Kei te tū māia te whaea o Māui a Taranga, i mua i te peita, ko ia te kaitiaki o te oranga o te tangata, o te moana. Kei te kārangaranga te peita nei ki te āhua o te poutokomanawa; ko tāna tū rangatira he whakaatu i tōna mana i roto i ngā whakapapa Māori. He pōhēhē nōna kua mate ā-kahu tāna tamaiti, ka kokotihia e Taranga tōna tikitiki hei tākainga mōna, ka panaia atu ki te moana. Ka pakeke a Māui-tikitiki-a-Taranga, ka whakakotahitia rātou ko tōna whaea, ko ōna tuākana tokowhā. I te atapō, whāia ai tōna whaea e ia i tētahi o ōna hekenga iho ki Rarohenga; ka pērātia nā te huringa hei kererū, ko ngā tae o ōna raukura e rite tonu ana ki ngā tae o te kākahu me te whītiki o Taranga.
He waitohu i te moana, ko tā te tauira tāniko kōpekapeka he whakamārama atu i te moana hei pūtahi o te tauoranga o Māui, i tōna kūaotanga, i tōna hīnga ake i Te Ika-a-Māui, hoki. He wāhanga nō te raupapatanga whakaaweawe o Robyn Kahukiwa, a Wāhine Toa, 1982, ko tā tēnei peita tino kueo, peita e ngoto ai te tūturu, peita tāraro, he whakaatu i te kōrero mō Taranga, he whakaū, he whakanui i tōna mana wahine i roto i ngā kōrero a te Māori.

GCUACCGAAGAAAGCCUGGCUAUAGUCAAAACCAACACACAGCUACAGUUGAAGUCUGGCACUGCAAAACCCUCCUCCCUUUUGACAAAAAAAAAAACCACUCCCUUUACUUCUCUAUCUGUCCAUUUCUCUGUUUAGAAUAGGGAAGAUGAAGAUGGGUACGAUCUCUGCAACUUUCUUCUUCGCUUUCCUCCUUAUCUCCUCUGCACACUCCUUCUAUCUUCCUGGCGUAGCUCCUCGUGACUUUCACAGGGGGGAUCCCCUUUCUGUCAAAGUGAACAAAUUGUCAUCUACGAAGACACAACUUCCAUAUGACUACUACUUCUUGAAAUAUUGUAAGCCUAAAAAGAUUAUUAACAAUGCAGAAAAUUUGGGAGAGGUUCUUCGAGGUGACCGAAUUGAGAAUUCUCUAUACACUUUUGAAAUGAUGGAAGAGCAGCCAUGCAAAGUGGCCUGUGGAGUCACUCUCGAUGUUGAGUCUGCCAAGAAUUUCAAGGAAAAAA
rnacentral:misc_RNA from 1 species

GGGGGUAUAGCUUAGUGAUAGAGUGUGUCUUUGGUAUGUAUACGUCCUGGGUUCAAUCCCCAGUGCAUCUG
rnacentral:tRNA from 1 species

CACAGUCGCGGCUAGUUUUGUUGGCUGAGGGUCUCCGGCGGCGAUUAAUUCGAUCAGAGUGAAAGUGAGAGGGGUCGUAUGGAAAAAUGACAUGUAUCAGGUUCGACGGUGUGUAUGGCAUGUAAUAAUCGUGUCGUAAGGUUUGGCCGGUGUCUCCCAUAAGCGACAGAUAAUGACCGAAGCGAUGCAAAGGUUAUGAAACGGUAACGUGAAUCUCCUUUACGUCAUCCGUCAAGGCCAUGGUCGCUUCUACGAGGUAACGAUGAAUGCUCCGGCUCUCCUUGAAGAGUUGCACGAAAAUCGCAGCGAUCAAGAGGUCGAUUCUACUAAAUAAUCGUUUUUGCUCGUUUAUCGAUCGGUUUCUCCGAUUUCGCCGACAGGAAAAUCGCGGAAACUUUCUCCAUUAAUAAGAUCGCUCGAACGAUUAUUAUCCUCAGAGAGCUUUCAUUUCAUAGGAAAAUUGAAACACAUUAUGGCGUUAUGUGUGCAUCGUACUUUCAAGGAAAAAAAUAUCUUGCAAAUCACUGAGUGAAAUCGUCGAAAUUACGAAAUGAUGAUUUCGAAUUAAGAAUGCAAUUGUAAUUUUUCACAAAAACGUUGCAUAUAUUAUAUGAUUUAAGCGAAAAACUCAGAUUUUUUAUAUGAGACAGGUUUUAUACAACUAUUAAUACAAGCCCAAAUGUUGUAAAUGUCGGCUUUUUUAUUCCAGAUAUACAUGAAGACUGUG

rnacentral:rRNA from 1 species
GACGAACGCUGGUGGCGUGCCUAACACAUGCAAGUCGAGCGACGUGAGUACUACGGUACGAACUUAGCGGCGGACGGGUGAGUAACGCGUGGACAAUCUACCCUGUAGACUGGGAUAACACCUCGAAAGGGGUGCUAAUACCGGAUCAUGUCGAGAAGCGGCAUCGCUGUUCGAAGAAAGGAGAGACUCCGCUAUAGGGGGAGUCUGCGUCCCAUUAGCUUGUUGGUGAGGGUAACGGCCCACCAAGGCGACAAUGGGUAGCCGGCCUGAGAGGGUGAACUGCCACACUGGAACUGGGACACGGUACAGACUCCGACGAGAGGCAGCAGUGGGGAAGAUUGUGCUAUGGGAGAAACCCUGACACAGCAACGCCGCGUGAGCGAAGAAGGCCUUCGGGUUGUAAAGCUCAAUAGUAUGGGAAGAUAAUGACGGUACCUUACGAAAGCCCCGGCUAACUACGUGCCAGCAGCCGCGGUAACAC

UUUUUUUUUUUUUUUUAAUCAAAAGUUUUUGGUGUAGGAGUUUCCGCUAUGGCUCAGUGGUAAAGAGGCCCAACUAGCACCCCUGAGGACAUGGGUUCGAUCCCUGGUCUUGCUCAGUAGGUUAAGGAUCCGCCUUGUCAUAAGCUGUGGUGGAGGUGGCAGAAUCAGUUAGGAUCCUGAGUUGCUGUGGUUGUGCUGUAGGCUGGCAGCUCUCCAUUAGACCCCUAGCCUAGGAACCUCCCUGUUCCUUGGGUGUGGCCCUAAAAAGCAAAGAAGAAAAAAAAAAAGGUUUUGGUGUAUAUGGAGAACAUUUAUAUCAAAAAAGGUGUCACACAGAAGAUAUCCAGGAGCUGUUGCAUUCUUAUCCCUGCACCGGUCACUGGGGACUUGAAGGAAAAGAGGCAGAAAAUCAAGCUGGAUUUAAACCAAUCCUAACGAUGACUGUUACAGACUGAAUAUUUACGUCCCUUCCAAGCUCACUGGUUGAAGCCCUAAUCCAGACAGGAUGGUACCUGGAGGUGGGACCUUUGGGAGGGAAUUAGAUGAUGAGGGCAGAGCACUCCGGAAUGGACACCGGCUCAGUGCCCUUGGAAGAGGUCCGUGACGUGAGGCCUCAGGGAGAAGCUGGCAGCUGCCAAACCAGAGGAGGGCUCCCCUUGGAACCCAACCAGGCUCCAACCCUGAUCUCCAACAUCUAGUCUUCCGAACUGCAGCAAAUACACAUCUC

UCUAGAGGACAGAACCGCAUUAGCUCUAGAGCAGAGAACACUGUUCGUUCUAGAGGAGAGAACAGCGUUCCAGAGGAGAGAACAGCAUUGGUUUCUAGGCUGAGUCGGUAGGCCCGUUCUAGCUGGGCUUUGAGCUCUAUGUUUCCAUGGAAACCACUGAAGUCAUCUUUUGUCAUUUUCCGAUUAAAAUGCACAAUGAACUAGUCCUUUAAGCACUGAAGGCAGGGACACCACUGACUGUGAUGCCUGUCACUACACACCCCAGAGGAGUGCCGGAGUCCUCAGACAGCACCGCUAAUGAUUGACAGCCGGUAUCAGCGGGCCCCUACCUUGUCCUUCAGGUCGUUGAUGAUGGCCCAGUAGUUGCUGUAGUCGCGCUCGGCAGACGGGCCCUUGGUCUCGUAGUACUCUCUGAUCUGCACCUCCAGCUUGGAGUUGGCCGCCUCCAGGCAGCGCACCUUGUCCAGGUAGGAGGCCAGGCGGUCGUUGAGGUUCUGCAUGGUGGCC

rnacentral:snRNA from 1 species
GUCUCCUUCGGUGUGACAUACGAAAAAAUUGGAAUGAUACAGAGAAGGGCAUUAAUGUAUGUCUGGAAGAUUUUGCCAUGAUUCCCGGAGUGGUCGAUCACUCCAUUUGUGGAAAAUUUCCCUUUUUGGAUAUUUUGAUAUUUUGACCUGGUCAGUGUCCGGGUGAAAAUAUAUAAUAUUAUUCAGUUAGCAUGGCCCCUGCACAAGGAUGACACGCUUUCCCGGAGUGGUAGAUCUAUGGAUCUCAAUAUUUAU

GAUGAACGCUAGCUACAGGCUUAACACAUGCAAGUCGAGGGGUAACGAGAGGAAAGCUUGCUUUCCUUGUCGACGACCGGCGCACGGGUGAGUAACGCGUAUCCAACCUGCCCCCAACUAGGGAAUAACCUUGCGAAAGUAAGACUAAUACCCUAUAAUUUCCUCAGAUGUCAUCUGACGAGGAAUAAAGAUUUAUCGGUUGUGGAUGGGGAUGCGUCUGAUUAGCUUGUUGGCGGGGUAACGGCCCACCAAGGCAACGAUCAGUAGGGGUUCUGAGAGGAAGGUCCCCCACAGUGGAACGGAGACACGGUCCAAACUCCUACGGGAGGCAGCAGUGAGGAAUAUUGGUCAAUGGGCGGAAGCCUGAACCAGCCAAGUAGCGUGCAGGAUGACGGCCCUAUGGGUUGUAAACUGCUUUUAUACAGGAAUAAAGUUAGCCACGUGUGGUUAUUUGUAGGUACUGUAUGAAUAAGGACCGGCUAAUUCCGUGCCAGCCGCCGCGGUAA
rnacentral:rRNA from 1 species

Taranga, the mother of Māui, stands stridently at the front of the picture plane as the gatekeeper to human life and moana (oceans). Based on a poutokomanawa, the heart post of a wharenui, her stance firmly asserts her significance in Māori genealogies. Thinking that her son was stillborn, Taranga cut off her tikitiki (topknot), placed him on a mat of her hair and cast him adrift on the sea. On reaching adulthood Māui-tikitiki-a-Taranga (Māui of Taranga’s Topknot) is reunited with his mother and four older brothers, and follows his mother on her daily dawn descent into Rarohenga (the underworld) by transforming into a kererū, the plumes of which mirror the colours of Taranga’s skirt and belt.
Symbolising the ocean, the zig-zag tāniko pattern communicates the centrality of the sea in Māui’s life, both as a baby and his eventual fishing up of Te Ika-a-Māui (the North Island). Part of Robyn Kahukiwa’s seminal Wāhine Toa series, this painting’s highly saturated, hyper-real and decorative depiction of Taranga’s narrative reinstates and celebrates her mana wahine (female authority) in Māori cultural narratives.
- Production date
- oil on hardboard
- 1310 x 1310 mm
- Credit line
- collection of The Museum of New Zealand Te Papa Tongarewa, purchased 1983. with New Zealand Lottery Board funds.
- Accession no
- Copying restrictions apply
- New Zealand Art
- Display status
- Not on display
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